Publicity Machine Sputters Into Gear

By Sean Carroll | November 6, 2012 2:56 pm

Now that you’ve voted, I know what question you must be asking yourself: where can I go to hear Sean do things like relentlessly flogging his new book, The Particle at the End of the Universe, in stores November 13? Well you’ve certainly come to the right place. Here are some upcoming opportunities in various media.

  • Here’s a video I just did with Chris Johnson, who is working on a book entitled “A Better Life: 100 Atheists Speak Out on Joy and Meaning In a World Without God.” Hear me at my arrogant, hubristic best. (I am talking about the difficulties of defining meaning in a purposeless universe but somehow managed to work in the Higgs boson.)
  • This weekend both Jennifer and I will be speaking at Skepticon 5, in Springfield, Missouri. Apparently there will be other speakers, as well.
  • Local folks, on Monday Nov. 12 I’ll be participating in an event called Uncorked, sponsored by Pasadena music/art organization MUSE/IQUE. The show is headlined by innovative cellist Matt Haimovitz, and his supporting cast includes me and Flea from the Red Hot Chili Peppers. (None of the preceding is a joke.)
  • On book release day, Tuesday, I’ll be doing a Reddit AMA (Ask Me Anything). Scheduled to start at 11am Pacific time. Head over there to pester me about all the questions you think I avoid over here.
  • Later that day I’ll be on Attack of the Show, which I believe is broadcast live at 4pm Pacific, then webcast Wednesday morning at 10am Pacific.
  • That night, for you insomniacs, I’ll be on Coast to Coast AM, starting at 11pm Pacific.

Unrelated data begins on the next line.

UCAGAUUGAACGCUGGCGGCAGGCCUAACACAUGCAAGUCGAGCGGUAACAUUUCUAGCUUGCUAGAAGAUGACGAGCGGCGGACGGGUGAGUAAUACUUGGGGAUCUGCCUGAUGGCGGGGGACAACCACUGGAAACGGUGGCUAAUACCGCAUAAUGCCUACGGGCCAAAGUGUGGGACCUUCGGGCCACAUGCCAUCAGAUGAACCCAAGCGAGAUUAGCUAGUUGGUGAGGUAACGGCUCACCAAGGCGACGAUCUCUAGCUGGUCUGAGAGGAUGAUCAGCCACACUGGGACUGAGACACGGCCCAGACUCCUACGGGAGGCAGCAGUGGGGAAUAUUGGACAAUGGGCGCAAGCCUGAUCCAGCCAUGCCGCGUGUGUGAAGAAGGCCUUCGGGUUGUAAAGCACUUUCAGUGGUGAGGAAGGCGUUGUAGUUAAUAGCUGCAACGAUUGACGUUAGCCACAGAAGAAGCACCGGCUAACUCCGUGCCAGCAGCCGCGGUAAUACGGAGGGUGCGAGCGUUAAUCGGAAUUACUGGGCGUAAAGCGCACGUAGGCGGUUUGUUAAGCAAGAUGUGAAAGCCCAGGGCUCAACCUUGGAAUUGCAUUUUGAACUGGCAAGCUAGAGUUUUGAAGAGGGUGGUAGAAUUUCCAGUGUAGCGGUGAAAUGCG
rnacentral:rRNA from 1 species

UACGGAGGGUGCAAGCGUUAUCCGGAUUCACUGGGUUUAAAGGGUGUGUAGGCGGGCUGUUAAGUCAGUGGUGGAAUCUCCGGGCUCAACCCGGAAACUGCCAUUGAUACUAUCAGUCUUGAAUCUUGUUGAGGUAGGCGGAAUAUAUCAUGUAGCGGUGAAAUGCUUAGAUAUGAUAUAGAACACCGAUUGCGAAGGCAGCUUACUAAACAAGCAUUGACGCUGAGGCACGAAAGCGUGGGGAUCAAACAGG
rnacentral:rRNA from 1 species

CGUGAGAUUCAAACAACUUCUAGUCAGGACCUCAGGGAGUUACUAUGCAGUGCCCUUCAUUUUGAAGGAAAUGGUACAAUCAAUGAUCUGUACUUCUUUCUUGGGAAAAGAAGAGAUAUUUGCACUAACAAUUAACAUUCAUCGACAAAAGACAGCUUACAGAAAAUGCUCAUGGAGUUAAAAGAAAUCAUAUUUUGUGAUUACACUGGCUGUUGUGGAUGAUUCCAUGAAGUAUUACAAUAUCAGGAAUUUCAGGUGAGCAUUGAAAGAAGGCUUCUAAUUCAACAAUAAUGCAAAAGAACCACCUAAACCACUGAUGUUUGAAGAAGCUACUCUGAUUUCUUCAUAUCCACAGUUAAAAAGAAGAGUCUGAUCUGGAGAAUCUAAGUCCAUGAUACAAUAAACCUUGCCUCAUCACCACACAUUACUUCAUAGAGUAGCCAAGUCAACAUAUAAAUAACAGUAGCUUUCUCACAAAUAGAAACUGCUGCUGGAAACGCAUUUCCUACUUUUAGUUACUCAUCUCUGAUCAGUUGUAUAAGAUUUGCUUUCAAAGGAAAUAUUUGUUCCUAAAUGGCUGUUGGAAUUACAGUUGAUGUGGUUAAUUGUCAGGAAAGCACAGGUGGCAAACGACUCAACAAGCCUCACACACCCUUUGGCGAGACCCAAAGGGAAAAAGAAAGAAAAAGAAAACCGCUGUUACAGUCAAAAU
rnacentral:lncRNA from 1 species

• This could be quite cool: on November 15 at 3pm Pacific, I’ll be doing an online presentation/Q&A on a new platform called Shindig. (See an example here.) I will give an informal talk, then anyone following from online who has a webcam can “get up on stage” with me and ask questions, or different audience members can chat amongst themselves. Could be awesome, or a disaster, we’ll have to see.
  • Friday the 16th I’ll be on Science Friday. Presumably a more focused discussion than on Coast to Coast.
  • Back here in Pasadena, on Sunday Nov. 18th I’ll be giving a public lecture on the Higgs boson at the Skeptics Society at 2pm Pacific. Apparently this will also involve a live webcast, so tune in.
  • On Thursday November 29 I’m scheduled to be on a plucky little cable TV show called the Colbert Report. Due to the vicissitudes of television, these things tend to get un-scheduled and re-scheduled with abandon, but that’s the current plan.
  • A day later I’m in Portland, giving a public talk at the First Congregational Church.
  • A week after that I’m in Toronto, appearing on a public panel on Dec. 7 talking about the Higgs.

And that’s it for 2012, as far as I currently know. Come January I’ll be in the UK for a bit, which should be fun. The above looks like a long list, but several of them are local and/or electronic, so I have high hopes for continuing to get actual work done over the next couple of months.

  • James Gallagher

    Good luck!

  • Chris

    I thought any people who were on Coast to Coast were nutjobs talking about alien abductions, end of the world and paranormal stuff.

  • Ronan

    I hope you have time to give a lecture in Ireland in January after your stay in the UK

  • John

    Where can I find a similar list of events for your visit to the UK.

    • Sean Carroll

      John– No such list yet exists. I will probably be speaking in London (Royal Society?) on Jan 15, and Nottingham Jan 17.